Some homes take on grander, even commercial, purposes. Near Dodge House, for instance, is Willowdale Estate, an early 1900s Tudor-Revival mansion. Its curators signed a 50-year lease in 1997 and invested more than $3 million to transform the once-derelict manse into a high-end event space available for weddings and private parties. In other states, previously dilapidated properties have become bed-and-breakfasts or office space.
One common requirement, however the site is used, is that the property be open to the public for a certain number of days each year. Some curators hold garden tours or art classes.
“If you live in a state park, you can pretty much expect a knock on the door every other day from someone looking for a bathroom or museum,” says Kevin Allen, who runs Massachusetts’ program.
Applying to be a resident curator is a rigorous process. Demonstrating passion for old buildings and preservation is a must. Candidates also need to submit highly detailed proposals for how they would use the property and pay for the project. Applicants needn’t have a specific income level, but bank statements, tax returns and even professional references are requested to demonstrate they can afford repairs.
If candidates plan to do much of the work themselves, previous experience in contracting also is key. Properties can need brand-new roofs, plumbing, even electricity installed. Others may need foundations fully rebuilt.
“You really have no idea how extensive and expensive these repairs can be until you’re in the middle of them,” says Donna Ann Harris, a Philadelphia-based preservation expert.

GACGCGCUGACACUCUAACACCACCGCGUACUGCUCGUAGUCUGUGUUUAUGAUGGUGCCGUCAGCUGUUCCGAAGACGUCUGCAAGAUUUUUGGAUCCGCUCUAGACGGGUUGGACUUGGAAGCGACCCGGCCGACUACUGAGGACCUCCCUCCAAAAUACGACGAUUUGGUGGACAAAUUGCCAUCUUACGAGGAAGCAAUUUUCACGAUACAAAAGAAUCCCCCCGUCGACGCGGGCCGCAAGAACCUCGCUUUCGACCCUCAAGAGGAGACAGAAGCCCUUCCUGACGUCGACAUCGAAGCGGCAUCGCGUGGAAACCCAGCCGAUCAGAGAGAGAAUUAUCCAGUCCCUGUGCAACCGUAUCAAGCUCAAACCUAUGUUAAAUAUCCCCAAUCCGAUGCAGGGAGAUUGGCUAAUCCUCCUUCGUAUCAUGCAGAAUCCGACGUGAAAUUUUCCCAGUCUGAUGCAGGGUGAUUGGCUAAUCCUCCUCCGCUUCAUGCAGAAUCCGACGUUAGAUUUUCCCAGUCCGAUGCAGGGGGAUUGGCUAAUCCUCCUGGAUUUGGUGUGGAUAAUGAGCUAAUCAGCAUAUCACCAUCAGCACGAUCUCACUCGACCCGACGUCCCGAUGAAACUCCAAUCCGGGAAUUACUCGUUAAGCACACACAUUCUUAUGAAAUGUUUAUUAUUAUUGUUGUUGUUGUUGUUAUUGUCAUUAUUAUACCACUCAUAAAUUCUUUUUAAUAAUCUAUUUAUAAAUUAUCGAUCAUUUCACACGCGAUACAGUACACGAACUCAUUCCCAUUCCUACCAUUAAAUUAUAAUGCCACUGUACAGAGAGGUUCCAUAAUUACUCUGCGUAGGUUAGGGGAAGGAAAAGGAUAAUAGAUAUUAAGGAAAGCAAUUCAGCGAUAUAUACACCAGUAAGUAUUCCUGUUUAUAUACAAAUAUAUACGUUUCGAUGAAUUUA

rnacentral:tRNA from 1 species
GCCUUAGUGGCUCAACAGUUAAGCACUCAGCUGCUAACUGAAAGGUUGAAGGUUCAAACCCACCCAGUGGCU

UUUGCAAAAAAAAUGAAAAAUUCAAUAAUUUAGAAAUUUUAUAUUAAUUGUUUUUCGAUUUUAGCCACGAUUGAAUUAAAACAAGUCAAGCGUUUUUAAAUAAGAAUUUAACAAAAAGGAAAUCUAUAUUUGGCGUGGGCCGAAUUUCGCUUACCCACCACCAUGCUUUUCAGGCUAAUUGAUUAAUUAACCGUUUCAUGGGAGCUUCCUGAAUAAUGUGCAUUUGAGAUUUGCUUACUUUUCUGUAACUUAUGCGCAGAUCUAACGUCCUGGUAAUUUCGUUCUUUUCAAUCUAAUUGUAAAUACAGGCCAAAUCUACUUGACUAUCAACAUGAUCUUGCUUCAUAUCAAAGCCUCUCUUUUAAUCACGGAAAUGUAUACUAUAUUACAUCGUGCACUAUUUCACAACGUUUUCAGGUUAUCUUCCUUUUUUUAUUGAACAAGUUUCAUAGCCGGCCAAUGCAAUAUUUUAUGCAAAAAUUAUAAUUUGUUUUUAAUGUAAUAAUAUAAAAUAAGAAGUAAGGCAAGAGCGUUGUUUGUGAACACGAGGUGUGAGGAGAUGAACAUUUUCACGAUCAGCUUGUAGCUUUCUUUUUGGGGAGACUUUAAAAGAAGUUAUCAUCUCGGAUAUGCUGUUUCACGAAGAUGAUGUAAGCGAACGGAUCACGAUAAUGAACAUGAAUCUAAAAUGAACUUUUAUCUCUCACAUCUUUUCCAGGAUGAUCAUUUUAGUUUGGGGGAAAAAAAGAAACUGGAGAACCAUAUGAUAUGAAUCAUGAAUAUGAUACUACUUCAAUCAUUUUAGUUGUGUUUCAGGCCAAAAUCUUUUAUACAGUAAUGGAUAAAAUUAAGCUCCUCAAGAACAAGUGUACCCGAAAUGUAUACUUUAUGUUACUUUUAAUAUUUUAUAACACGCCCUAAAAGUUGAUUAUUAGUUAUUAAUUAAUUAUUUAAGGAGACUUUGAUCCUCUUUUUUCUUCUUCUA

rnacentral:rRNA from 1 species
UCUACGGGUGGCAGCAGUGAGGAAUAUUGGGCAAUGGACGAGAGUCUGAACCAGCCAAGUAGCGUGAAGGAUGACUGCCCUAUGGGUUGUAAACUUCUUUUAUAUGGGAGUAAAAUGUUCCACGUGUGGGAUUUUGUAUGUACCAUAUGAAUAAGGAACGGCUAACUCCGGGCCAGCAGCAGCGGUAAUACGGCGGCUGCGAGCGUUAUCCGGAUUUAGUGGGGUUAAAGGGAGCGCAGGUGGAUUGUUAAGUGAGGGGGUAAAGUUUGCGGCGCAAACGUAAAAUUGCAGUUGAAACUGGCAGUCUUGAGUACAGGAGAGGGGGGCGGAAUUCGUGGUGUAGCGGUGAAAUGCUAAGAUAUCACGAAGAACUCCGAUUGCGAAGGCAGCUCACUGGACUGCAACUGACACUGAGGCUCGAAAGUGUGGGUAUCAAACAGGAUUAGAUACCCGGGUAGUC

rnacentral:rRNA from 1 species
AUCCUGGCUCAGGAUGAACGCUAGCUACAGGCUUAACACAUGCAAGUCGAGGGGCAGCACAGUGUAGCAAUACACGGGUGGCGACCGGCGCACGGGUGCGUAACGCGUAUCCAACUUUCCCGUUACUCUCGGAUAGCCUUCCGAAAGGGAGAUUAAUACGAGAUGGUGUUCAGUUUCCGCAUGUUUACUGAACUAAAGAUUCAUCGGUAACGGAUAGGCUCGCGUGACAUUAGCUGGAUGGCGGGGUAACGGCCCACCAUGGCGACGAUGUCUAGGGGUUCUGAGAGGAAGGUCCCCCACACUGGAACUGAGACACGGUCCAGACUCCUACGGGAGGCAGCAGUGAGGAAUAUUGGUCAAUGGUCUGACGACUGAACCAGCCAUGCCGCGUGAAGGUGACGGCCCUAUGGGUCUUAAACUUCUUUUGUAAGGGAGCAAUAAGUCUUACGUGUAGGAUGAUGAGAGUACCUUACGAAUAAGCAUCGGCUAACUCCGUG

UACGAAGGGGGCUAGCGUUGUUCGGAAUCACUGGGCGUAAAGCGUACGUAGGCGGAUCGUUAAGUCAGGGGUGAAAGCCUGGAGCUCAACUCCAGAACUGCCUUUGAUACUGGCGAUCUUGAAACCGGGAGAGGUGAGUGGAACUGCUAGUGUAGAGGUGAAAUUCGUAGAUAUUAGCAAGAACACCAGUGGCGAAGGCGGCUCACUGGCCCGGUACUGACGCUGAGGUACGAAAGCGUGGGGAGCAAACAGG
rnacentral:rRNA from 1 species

In Delaware, every hour of sweat equity must be tallied up monthly. And all states require regular inspections and progress reports. If deadlines aren’t met, curators risk eviction.
“The paperwork is endless, and it’s not something that gets turned around quickly,” Hall says.
Banks won’t give curators loans on properties they don’t own. Insurance, too, can be hard to get. Some states help on initial expenses, such as asbestos or lead removal, but little else. And, as Hall says, “Every nail you buy is a donation you’re making to the State of Delaware.”
On the other hand, because they’re using private funds, curators can receive certain tax breaks. Volunteers sometimes donate labor, and Clarke and Kaminski have received some materials for free, including vibrant paints from the firm Farrow & Ball.
Not everyone is up to the job. Connecticut put two properties out to bid in June 2010, but couldn’t find any qualified takers.
“Lower housing prices could be having an impact at the moment,” says Susan Frechette, deputy commissioner at the state’s Department of Environmental Protection. “People don’t see as much upside when they can afford something nicer of their own.”
Sometimes, a project just needs the right person.
Massachusetts is currently seeking a curator for an 18-foot schooner called Ernestina, which once sailed to the North Pole, and needs about $2 million in work.
“I don’t doubt someone will fall in love with it and come up with an incredible vision of what it can be,” Allen says.
(The writer is a Reuters contributor. The opinions expressed are her own.)
Editing by Bernadette Baum